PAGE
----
President Donald Trump's first national security strategy report labels Russia and China as global threats to American prosperity and power while also acknowledging the role both countries play in containing threats like North Korea and Iran.
During a speech in Washington D.C. on Monday, Dec. 18, Trump called Russia and China "rival powers" but stressed the importance of cooperation.
"We will attempt to build a great partnership with those and other countries but in a manner that always protects our national interests," he said.
Trump referenced the importance of cooperation as he discussed a call he received from Russian President Vladimir Putin a day earlier to thank him for U.S. intelligence that thwarted a potential terror attack in St. Petersburg.
The 55-page report, released the same day as Trump's speech, said Russia and China "challenge American power, influence, and interests, attempting to erode American security and prosperity."
"They are determined to make economies less free and less fair, to grow their militaries, and to control information and data to repress their societies and expand their influence," the report continues, detailing threats posed by North Korea, Iran and groups like ISIS.
The report states that China is working to displace the U.S. in the Indo-Pacific region and attempting to reorder the region in its favor, and later cites the country's efforts to build and militarize outposts in the South China Sea as moves that endanger other nations' sovereignty, threaten free trade and undermine regional stability.
Russia is working to "restore its great power status" and surround itself with spheres of influence, the report states. It calls the country's invasions of Georgia and Ukraine efforts to "weaken the credibility of America's commitment to Europe, undermine transatlantic unity and weaken European institutions and governments." Still, the report states that the U.S. "stands ready to cooperate across areas of mutual interest with both countries," citing that the intentions of both countries "are not necessarily fixed."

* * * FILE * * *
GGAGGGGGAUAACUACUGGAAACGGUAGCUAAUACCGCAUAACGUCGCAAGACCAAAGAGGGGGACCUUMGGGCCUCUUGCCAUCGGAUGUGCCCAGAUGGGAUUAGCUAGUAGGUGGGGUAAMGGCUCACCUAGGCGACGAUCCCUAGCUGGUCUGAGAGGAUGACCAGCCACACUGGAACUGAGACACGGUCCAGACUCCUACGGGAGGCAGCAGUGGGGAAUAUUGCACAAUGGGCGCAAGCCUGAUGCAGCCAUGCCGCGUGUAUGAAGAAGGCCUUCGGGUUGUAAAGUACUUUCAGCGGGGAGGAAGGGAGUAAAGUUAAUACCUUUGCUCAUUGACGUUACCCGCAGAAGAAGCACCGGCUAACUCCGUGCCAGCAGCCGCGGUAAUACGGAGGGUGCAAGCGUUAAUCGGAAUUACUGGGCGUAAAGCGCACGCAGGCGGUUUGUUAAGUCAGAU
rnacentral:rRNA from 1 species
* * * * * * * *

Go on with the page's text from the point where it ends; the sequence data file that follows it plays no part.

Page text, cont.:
The strategy stresses the importance of continuing to fortify America's missile defense system. The report warns that North Korea is pursuing chemical and biological weapons that could be delivered by missile, and that both Russia and China are "developing advanced weapons and capabilities that could threaten our critical infrastructure and our command and control architecture."
The strategy states that "enhanced missile defense is not intended to undermine strategic stability or disrupt longstanding strategic relationships with Russia or China."
The document names China among competitors that steal hundreds of billions of dollars of U.S. intellectual property every year, and highlights the importance of protecting individual agencies and sectors from attacks. The report states that the U.S. is committed to utilizing counterintelligence and law enforcement solutions to prevent theft and exploring "new legal and regulatory mechanisms to prevent and prosecute violations."
A report from the Financial Times that included excerpts of the document before it was released indicated that the inclusion of trade and economics in the strategy document highlights the weakening influence of Gary Cohn, head of the White House National Economic Council, against U.S. trade representative Robert Lighthizer's growing authority, and warns of a rough patch in relations between the world's two largest economies.